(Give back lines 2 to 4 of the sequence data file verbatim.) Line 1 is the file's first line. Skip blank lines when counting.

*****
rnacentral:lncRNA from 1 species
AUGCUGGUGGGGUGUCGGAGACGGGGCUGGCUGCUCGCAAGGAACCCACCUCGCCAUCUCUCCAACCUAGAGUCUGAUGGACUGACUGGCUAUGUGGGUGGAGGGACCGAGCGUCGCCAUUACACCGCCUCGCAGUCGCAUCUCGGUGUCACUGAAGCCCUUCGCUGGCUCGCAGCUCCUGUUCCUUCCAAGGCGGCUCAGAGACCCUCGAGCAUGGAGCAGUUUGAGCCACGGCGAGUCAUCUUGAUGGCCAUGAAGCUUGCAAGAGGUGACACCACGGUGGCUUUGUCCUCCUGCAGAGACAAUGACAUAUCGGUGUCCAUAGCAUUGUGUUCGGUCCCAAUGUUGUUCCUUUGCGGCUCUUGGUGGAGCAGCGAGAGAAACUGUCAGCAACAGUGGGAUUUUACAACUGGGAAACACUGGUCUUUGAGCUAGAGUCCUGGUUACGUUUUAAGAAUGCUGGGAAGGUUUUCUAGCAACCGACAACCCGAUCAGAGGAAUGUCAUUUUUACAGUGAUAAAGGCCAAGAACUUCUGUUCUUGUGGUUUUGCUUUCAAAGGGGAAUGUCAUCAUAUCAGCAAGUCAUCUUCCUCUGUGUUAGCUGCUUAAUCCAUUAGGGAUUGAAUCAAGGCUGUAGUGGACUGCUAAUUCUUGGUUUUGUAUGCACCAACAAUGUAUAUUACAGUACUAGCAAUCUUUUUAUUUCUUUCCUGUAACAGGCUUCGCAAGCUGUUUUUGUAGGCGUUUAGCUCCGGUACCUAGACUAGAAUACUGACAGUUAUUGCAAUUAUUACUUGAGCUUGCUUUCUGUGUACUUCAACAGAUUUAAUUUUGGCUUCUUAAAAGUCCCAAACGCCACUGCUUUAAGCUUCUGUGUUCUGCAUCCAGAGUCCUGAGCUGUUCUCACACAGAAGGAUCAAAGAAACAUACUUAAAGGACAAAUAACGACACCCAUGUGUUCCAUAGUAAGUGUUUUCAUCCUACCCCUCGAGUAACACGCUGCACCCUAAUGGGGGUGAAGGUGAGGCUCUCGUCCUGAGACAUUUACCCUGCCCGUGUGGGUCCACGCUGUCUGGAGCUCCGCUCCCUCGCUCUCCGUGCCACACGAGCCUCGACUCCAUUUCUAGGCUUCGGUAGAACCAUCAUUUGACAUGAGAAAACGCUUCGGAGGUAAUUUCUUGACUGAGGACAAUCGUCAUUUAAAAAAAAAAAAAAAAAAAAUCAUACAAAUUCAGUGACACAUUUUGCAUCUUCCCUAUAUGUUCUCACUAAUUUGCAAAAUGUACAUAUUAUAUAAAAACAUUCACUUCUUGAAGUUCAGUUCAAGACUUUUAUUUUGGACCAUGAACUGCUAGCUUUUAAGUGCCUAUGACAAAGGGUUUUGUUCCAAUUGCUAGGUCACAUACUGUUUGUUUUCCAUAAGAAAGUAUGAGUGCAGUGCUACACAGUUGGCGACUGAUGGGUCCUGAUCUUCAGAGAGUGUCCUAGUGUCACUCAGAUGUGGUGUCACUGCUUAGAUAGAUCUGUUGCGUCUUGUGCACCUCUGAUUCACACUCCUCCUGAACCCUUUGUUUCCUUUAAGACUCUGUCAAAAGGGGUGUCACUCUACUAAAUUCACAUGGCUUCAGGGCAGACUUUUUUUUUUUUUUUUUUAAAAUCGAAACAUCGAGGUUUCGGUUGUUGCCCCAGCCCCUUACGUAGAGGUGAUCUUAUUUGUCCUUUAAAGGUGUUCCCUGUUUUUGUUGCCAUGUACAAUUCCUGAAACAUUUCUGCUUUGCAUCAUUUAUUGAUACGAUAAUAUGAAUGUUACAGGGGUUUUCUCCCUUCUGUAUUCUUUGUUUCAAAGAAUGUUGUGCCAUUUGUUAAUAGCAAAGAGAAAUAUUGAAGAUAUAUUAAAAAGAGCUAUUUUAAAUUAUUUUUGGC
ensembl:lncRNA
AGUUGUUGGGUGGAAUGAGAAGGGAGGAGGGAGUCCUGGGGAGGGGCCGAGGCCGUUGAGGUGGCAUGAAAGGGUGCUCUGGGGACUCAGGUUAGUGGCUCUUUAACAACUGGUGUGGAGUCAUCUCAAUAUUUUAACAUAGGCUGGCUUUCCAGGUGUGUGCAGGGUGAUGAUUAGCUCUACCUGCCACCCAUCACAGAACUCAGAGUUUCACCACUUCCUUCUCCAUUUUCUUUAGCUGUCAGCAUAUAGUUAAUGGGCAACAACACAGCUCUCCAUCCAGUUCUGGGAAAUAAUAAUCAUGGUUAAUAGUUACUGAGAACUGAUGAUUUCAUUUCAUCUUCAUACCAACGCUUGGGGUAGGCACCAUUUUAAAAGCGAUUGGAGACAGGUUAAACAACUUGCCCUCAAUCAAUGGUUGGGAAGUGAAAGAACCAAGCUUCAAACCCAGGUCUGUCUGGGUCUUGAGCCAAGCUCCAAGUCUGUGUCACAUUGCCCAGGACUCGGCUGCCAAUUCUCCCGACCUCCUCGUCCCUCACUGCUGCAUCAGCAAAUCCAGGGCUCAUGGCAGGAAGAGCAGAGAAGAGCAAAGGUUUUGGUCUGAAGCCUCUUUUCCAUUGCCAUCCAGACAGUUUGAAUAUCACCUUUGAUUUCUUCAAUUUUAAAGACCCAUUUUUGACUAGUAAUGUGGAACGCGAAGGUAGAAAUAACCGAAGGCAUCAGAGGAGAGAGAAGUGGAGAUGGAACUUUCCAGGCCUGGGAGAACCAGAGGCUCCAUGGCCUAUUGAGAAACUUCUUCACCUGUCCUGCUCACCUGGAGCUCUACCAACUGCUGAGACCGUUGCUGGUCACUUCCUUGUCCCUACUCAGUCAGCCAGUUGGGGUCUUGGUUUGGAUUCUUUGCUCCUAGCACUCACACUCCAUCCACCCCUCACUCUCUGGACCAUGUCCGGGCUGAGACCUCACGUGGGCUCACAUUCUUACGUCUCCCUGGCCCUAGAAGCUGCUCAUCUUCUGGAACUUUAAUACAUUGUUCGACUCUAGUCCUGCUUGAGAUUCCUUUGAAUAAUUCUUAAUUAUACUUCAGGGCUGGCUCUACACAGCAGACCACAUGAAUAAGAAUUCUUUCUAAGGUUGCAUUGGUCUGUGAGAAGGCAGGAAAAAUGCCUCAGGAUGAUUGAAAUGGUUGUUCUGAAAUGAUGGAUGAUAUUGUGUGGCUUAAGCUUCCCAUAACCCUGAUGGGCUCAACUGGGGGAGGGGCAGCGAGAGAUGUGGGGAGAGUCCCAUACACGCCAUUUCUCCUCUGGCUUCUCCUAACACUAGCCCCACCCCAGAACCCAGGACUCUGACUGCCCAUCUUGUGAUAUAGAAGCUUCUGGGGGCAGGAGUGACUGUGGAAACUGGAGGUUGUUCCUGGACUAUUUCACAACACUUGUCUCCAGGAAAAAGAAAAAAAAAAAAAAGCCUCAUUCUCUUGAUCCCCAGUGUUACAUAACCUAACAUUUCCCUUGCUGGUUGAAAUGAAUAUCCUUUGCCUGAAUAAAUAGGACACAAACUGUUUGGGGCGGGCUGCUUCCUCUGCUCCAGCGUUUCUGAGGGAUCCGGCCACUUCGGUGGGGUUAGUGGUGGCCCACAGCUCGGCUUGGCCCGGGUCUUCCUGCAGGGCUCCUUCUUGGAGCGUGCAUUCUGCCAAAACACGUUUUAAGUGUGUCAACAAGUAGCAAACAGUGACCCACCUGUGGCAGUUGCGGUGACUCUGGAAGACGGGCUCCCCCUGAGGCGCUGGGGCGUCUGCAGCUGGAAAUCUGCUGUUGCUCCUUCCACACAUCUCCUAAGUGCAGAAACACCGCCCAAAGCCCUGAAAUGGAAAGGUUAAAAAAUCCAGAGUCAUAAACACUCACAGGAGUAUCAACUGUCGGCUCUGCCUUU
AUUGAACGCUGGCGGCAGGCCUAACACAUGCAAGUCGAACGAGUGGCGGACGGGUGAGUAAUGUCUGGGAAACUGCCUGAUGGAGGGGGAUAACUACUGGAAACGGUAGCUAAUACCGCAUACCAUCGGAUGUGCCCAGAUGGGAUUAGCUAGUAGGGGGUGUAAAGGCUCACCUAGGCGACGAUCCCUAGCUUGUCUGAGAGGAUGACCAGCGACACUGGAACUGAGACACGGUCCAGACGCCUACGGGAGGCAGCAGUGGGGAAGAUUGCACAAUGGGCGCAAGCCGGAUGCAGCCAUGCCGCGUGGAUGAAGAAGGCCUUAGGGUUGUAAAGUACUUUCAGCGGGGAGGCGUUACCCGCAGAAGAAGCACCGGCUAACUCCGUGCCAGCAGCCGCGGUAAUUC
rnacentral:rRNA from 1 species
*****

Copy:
AUGCUGGUGGGGUGUCGGAGACGGGGCUGGCUGCUCGCAAGGAACCCACCUCGCCAUCUCUCCAACCUAGAGUCUGAUGGACUGACUGGCUAUGUGGGUGGAGGGACCGAGCGUCGCCAUUACACCGCCUCGCAGUCGCAUCUCGGUGUCACUGAAGCCCUUCGCUGGCUCGCAGCUCCUGUUCCUUCCAAGGCGGCUCAGAGACCCUCGAGCAUGGAGCAGUUUGAGCCACGGCGAGUCAUCUUGAUGGCCAUGAAGCUUGCAAGAGGUGACACCACGGUGGCUUUGUCCUCCUGCAGAGACAAUGACAUAUCGGUGUCCAUAGCAUUGUGUUCGGUCCCAAUGUUGUUCCUUUGCGGCUCUUGGUGGAGCAGCGAGAGAAACUGUCAGCAACAGUGGGAUUUUACAACUGGGAAACACUGGUCUUUGAGCUAGAGUCCUGGUUACGUUUUAAGAAUGCUGGGAAGGUUUUCUAGCAACCGACAACCCGAUCAGAGGAAUGUCAUUUUUACAGUGAUAAAGGCCAAGAACUUCUGUUCUUGUGGUUUUGCUUUCAAAGGGGAAUGUCAUCAUAUCAGCAAGUCAUCUUCCUCUGUGUUAGCUGCUUAAUCCAUUAGGGAUUGAAUCAAGGCUGUAGUGGACUGCUAAUUCUUGGUUUUGUAUGCACCAACAAUGUAUAUUACAGUACUAGCAAUCUUUUUAUUUCUUUCCUGUAACAGGCUUCGCAAGCUGUUUUUGUAGGCGUUUAGCUCCGGUACCUAGACUAGAAUACUGACAGUUAUUGCAAUUAUUACUUGAGCUUGCUUUCUGUGUACUUCAACAGAUUUAAUUUUGGCUUCUUAAAAGUCCCAAACGCCACUGCUUUAAGCUUCUGUGUUCUGCAUCCAGAGUCCUGAGCUGUUCUCACACAGAAGGAUCAAAGAAACAUACUUAAAGGACAAAUAACGACACCCAUGUGUUCCAUAGUAAGUGUUUUCAUCCUACCCCUCGAGUAACACGCUGCACCCUAAUGGGGGUGAAGGUGAGGCUCUCGUCCUGAGACAUUUACCCUGCCCGUGUGGGUCCACGCUGUCUGGAGCUCCGCUCCCUCGCUCUCCGUGCCACACGAGCCUCGACUCCAUUUCUAGGCUUCGGUAGAACCAUCAUUUGACAUGAGAAAACGCUUCGGAGGUAAUUUCUUGACUGAGGACAAUCGUCAUUUAAAAAAAAAAAAAAAAAAAAUCAUACAAAUUCAGUGACACAUUUUGCAUCUUCCCUAUAUGUUCUCACUAAUUUGCAAAAUGUACAUAUUAUAUAAAAACAUUCACUUCUUGAAGUUCAGUUCAAGACUUUUAUUUUGGACCAUGAACUGCUAGCUUUUAAGUGCCUAUGACAAAGGGUUUUGUUCCAAUUGCUAGGUCACAUACUGUUUGUUUUCCAUAAGAAAGUAUGAGUGCAGUGCUACACAGUUGGCGACUGAUGGGUCCUGAUCUUCAGAGAGUGUCCUAGUGUCACUCAGAUGUGGUGUCACUGCUUAGAUAGAUCUGUUGCGUCUUGUGCACCUCUGAUUCACACUCCUCCUGAACCCUUUGUUUCCUUUAAGACUCUGUCAAAAGGGGUGUCACUCUACUAAAUUCACAUGGCUUCAGGGCAGACUUUUUUUUUUUUUUUUUUAAAAUCGAAACAUCGAGGUUUCGGUUGUUGCCCCAGCCCCUUACGUAGAGGUGAUCUUAUUUGUCCUUUAAAGGUGUUCCCUGUUUUUGUUGCCAUGUACAAUUCCUGAAACAUUUCUGCUUUGCAUCAUUUAUUGAUACGAUAAUAUGAAUGUUACAGGGGUUUUCUCCCUUCUGUAUUCUUUGUUUCAAAGAAUGUUGUGCCAUUUGUUAAUAGCAAAGAGAAAUAUUGAAGAUAUAUUAAAAAGAGCUAUUUUAAAUUAUUUUUGGC
ensembl:lncRNA
AGUUGUUGGGUGGAAUGAGAAGGGAGGAGGGAGUCCUGGGGAGGGGCCGAGGCCGUUGAGGUGGCAUGAAAGGGUGCUCUGGGGACUCAGGUUAGUGGCUCUUUAACAACUGGUGUGGAGUCAUCUCAAUAUUUUAACAUAGGCUGGCUUUCCAGGUGUGUGCAGGGUGAUGAUUAGCUCUACCUGCCACCCAUCACAGAACUCAGAGUUUCACCACUUCCUUCUCCAUUUUCUUUAGCUGUCAGCAUAUAGUUAAUGGGCAACAACACAGCUCUCCAUCCAGUUCUGGGAAAUAAUAAUCAUGGUUAAUAGUUACUGAGAACUGAUGAUUUCAUUUCAUCUUCAUACCAACGCUUGGGGUAGGCACCAUUUUAAAAGCGAUUGGAGACAGGUUAAACAACUUGCCCUCAAUCAAUGGUUGGGAAGUGAAAGAACCAAGCUUCAAACCCAGGUCUGUCUGGGUCUUGAGCCAAGCUCCAAGUCUGUGUCACAUUGCCCAGGACUCGGCUGCCAAUUCUCCCGACCUCCUCGUCCCUCACUGCUGCAUCAGCAAAUCCAGGGCUCAUGGCAGGAAGAGCAGAGAAGAGCAAAGGUUUUGGUCUGAAGCCUCUUUUCCAUUGCCAUCCAGACAGUUUGAAUAUCACCUUUGAUUUCUUCAAUUUUAAAGACCCAUUUUUGACUAGUAAUGUGGAACGCGAAGGUAGAAAUAACCGAAGGCAUCAGAGGAGAGAGAAGUGGAGAUGGAACUUUCCAGGCCUGGGAGAACCAGAGGCUCCAUGGCCUAUUGAGAAACUUCUUCACCUGUCCUGCUCACCUGGAGCUCUACCAACUGCUGAGACCGUUGCUGGUCACUUCCUUGUCCCUACUCAGUCAGCCAGUUGGGGUCUUGGUUUGGAUUCUUUGCUCCUAGCACUCACACUCCAUCCACCCCUCACUCUCUGGACCAUGUCCGGGCUGAGACCUCACGUGGGCUCACAUUCUUACGUCUCCCUGGCCCUAGAAGCUGCUCAUCUUCUGGAACUUUAAUACAUUGUUCGACUCUAGUCCUGCUUGAGAUUCCUUUGAAUAAUUCUUAAUUAUACUUCAGGGCUGGCUCUACACAGCAGACCACAUGAAUAAGAAUUCUUUCUAAGGUUGCAUUGGUCUGUGAGAAGGCAGGAAAAAUGCCUCAGGAUGAUUGAAAUGGUUGUUCUGAAAUGAUGGAUGAUAUUGUGUGGCUUAAGCUUCCCAUAACCCUGAUGGGCUCAACUGGGGGAGGGGCAGCGAGAGAUGUGGGGAGAGUCCCAUACACGCCAUUUCUCCUCUGGCUUCUCCUAACACUAGCCCCACCCCAGAACCCAGGACUCUGACUGCCCAUCUUGUGAUAUAGAAGCUUCUGGGGGCAGGAGUGACUGUGGAAACUGGAGGUUGUUCCUGGACUAUUUCACAACACUUGUCUCCAGGAAAAAGAAAAAAAAAAAAAAGCCUCAUUCUCUUGAUCCCCAGUGUUACAUAACCUAACAUUUCCCUUGCUGGUUGAAAUGAAUAUCCUUUGCCUGAAUAAAUAGGACACAAACUGUUUGGGGCGGGCUGCUUCCUCUGCUCCAGCGUUUCUGAGGGAUCCGGCCACUUCGGUGGGGUUAGUGGUGGCCCACAGCUCGGCUUGGCCCGGGUCUUCCUGCAGGGCUCCUUCUUGGAGCGUGCAUUCUGCCAAAACACGUUUUAAGUGUGUCAACAAGUAGCAAACAGUGACCCACCUGUGGCAGUUGCGGUGACUCUGGAAGACGGGCUCCCCCUGAGGCGCUGGGGCGUCUGCAGCUGGAAAUCUGCUGUUGCUCCUUCCACACAUCUCCUAAGUGCAGAAACACCGCCCAAAGCCCUGAAAUGGAAAGGUUAAAAAAUCCAGAGUCAUAAACACUCACAGGAGUAUCAACUGUCGGCUCUGCCUUU